Normal Fears

The following is taken from the book: What to do When Your Child has Obsessive-Compulsive Disorder, by A. Wagner.

Fears are so common a part of growing up that almost half of the children between the ages of 6 and 12 have seven or more fears.  Girls tend to report more fears than boys do at most ages.  But not all fears are a part of nornal development and not all of them are outgrown without assistance.  Knowing the normal course of childhood fears will help you gauge if your child is in a phase that he will outgrow or if you should indeed be concerned.  The following is a summary of fears across the lifespan.

1. Infants begin to ferar strangers around the age of seven months and outgrow this fear naturally around the second year of life.

2. Toddlers fear separation from their parents.  They may be afraid of loud or sudden noises and new, large or potentially dangerous things.

3. Preschoolers shy away from new, unfamiliar and overwhelming environments.  They may fear potentially harmful or dangerous things such as large dogs, snakes, the dark, bad dreams or imaginary characters such as monsters.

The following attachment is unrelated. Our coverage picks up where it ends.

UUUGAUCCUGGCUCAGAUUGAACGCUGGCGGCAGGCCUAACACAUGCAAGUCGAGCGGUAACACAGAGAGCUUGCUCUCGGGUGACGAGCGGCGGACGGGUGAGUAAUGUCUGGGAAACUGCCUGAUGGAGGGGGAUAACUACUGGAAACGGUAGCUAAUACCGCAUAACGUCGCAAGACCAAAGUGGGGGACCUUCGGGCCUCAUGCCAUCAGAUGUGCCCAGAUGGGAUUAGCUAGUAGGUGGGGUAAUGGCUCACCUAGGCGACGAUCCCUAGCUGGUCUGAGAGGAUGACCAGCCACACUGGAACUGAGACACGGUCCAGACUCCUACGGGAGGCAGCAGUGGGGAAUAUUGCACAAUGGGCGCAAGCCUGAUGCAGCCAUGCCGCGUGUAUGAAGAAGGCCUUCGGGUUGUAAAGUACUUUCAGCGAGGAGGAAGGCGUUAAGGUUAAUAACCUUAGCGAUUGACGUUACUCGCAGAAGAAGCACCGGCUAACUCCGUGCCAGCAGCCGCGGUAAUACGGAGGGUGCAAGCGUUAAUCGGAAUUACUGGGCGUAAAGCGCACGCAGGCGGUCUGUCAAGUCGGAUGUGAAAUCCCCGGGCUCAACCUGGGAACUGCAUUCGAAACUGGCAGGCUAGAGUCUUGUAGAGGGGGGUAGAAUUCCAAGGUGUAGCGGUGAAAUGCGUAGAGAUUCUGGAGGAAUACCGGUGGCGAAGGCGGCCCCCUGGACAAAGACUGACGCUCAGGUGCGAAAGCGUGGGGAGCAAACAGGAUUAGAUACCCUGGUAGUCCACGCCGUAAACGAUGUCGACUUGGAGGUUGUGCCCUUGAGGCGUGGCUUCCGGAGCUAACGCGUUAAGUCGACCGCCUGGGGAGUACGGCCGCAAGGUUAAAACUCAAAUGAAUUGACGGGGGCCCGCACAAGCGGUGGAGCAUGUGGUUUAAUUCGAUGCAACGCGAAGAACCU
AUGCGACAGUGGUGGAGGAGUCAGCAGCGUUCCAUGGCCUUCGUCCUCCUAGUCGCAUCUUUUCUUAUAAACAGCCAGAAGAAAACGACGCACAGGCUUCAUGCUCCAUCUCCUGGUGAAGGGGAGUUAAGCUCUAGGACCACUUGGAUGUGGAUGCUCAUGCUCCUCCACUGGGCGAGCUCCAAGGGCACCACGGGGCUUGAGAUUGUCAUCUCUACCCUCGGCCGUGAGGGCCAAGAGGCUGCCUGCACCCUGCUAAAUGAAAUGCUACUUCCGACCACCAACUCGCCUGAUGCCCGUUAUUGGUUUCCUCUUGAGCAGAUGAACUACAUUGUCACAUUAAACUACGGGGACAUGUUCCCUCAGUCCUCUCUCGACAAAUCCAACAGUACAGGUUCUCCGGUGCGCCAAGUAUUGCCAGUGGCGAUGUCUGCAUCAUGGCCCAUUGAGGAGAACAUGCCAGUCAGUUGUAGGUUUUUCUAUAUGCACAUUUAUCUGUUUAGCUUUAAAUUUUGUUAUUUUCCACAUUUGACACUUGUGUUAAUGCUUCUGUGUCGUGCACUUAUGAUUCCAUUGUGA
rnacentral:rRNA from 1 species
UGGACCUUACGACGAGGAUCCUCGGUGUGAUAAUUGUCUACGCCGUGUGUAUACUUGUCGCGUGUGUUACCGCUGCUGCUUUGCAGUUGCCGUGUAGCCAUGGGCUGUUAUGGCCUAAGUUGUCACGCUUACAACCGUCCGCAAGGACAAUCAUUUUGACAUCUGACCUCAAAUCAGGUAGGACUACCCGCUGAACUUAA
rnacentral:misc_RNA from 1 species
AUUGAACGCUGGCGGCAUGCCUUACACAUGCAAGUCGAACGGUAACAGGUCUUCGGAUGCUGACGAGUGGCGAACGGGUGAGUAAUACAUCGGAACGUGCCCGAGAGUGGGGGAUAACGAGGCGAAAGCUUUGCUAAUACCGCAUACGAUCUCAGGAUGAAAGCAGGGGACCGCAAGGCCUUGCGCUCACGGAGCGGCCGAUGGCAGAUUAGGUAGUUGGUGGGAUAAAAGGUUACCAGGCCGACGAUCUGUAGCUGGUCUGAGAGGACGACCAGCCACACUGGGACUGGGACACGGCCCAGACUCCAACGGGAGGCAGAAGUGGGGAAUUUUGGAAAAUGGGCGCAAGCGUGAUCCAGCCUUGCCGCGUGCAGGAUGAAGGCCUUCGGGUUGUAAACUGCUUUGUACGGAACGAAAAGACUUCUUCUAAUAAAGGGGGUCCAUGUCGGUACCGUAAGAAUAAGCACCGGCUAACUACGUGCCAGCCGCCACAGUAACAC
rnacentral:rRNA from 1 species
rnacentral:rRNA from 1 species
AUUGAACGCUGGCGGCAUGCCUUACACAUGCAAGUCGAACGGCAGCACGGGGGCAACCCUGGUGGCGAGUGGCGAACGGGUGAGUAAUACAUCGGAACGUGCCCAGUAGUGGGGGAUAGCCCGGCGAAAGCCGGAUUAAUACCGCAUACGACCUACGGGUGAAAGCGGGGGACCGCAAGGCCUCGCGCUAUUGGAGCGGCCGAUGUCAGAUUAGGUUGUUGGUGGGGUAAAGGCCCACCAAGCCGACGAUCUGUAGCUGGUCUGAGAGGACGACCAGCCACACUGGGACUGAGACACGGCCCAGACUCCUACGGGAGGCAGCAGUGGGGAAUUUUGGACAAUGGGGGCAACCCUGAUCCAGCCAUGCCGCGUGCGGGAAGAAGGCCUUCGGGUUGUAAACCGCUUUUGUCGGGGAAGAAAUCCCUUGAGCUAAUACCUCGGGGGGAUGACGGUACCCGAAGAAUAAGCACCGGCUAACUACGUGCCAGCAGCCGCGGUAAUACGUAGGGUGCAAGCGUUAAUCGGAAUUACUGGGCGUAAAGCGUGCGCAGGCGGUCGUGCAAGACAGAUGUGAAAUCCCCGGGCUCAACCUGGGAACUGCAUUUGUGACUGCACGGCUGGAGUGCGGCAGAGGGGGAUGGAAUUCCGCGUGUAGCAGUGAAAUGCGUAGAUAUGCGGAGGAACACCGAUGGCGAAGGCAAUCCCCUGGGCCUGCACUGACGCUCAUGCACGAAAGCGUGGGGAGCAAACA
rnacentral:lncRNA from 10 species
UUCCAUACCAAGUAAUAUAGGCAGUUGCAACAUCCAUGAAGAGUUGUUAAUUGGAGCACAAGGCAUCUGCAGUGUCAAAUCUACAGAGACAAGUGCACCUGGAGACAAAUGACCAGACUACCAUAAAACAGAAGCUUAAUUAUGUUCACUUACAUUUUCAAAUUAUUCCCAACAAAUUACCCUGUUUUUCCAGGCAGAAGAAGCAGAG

4. Elementary school children become aware of the real dangers of the world such as strangers, diseases, accidents, disasters and death.

5. During middle childhood, the focus of fears is on school-related events, particularly those involving academic performance and friendships.  Natural phenomena such as thunderstorms, earthquakes and floods are also worrisome.  Older children may worry about their parents getting hurt, dying or divorced.

6. Adolescent fears shift into the more abstract realm including the future, rejection in social relationships, moral issues, dating competence, independence and career choices.

7. Adults worry about the challenges of supporting themselves and the family financially, job satisfaction and stability, marital or dating relationships, children and parenting.

8. Fears pretaining to illness, pain, death, medical and dental procedures, doctor visits, natural disasters, wars and traumatic events can occur among children and adults.

School-aged children may also take to heart newly learned information pertaining to danger and safety.  As a parent, you may have encountered your youngster’s alarm and excessive vigilance after learning about the dangers of salmenella at school.  Suddenly, your previously “grubby” child became the epitome of hygiene, meticulously washing his hands and monitoring the entire family’s health habits.  Your initial delight in your child’s metamorphosis soon turned to dismay, as his constant queries and admonitions about cleanliness began to fray your nerves.  However, in most cases, there is a novelty effect present and the intensity of the preoccupations wears off in due time.

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